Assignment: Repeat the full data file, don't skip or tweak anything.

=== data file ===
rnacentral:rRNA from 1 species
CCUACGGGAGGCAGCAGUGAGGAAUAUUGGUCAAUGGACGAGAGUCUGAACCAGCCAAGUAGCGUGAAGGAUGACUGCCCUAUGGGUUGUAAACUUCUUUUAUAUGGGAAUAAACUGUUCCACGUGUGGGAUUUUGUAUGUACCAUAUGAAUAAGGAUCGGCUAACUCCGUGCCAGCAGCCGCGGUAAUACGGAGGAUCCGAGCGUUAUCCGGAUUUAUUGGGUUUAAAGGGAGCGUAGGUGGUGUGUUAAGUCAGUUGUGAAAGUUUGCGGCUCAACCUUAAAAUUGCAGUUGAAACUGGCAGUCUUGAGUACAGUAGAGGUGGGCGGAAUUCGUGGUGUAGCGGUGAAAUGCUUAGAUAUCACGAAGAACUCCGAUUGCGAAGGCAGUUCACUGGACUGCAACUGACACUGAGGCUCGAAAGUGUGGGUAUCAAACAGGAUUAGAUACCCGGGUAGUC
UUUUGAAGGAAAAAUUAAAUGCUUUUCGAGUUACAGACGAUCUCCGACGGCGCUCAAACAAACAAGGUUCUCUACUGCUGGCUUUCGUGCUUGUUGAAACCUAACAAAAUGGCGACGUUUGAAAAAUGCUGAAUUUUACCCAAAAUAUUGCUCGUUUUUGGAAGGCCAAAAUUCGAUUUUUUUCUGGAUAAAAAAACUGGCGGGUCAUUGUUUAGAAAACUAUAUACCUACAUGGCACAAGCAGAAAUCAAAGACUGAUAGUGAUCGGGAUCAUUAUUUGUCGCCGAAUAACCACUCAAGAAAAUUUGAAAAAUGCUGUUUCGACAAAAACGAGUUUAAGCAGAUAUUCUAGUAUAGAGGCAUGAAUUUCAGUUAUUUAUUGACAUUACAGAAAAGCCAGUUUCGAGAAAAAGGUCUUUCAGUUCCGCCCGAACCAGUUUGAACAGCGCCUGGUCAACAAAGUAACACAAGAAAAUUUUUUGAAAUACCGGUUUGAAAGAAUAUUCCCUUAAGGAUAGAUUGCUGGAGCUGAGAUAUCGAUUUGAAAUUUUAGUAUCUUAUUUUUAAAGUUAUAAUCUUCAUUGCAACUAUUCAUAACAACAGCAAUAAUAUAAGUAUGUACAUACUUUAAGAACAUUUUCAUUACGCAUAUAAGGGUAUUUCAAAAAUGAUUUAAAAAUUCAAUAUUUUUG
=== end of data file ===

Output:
rnacentral:rRNA from 1 species
CCUACGGGAGGCAGCAGUGAGGAAUAUUGGUCAAUGGACGAGAGUCUGAACCAGCCAAGUAGCGUGAAGGAUGACUGCCCUAUGGGUUGUAAACUUCUUUUAUAUGGGAAUAAACUGUUCCACGUGUGGGAUUUUGUAUGUACCAUAUGAAUAAGGAUCGGCUAACUCCGUGCCAGCAGCCGCGGUAAUACGGAGGAUCCGAGCGUUAUCCGGAUUUAUUGGGUUUAAAGGGAGCGUAGGUGGUGUGUUAAGUCAGUUGUGAAAGUUUGCGGCUCAACCUUAAAAUUGCAGUUGAAACUGGCAGUCUUGAGUACAGUAGAGGUGGGCGGAAUUCGUGGUGUAGCGGUGAAAUGCUUAGAUAUCACGAAGAACUCCGAUUGCGAAGGCAGUUCACUGGACUGCAACUGACACUGAGGCUCGAAAGUGUGGGUAUCAAACAGGAUUAGAUACCCGGGUAGUC
UUUUGAAGGAAAAAUUAAAUGCUUUUCGAGUUACAGACGAUCUCCGACGGCGCUCAAACAAACAAGGUUCUCUACUGCUGGCUUUCGUGCUUGUUGAAACCUAACAAAAUGGCGACGUUUGAAAAAUGCUGAAUUUUACCCAAAAUAUUGCUCGUUUUUGGAAGGCCAAAAUUCGAUUUUUUUCUGGAUAAAAAAACUGGCGGGUCAUUGUUUAGAAAACUAUAUACCUACAUGGCACAAGCAGAAAUCAAAGACUGAUAGUGAUCGGGAUCAUUAUUUGUCGCCGAAUAACCACUCAAGAAAAUUUGAAAAAUGCUGUUUCGACAAAAACGAGUUUAAGCAGAUAUUCUAGUAUAGAGGCAUGAAUUUCAGUUAUUUAUUGACAUUACAGAAAAGCCAGUUUCGAGAAAAAGGUCUUUCAGUUCCGCCCGAACCAGUUUGAACAGCGCCUGGUCAACAAAGUAACACAAGAAAAUUUUUUGAAAUACCGGUUUGAAAGAAUAUUCCCUUAAGGAUAGAUUGCUGGAGCUGAGAUAUCGAUUUGAAAUUUUAGUAUCUUAUUUUUAAAGUUAUAAUCUUCAUUGCAACUAUUCAUAACAACAGCAAUAAUAUAAGUAUGUACAUACUUUAAGAACAUUUUCAUUACGCAUAUAAGGGUAUUUCAAAAAUGAUUUAAAAAUUCAAUAUUUUUG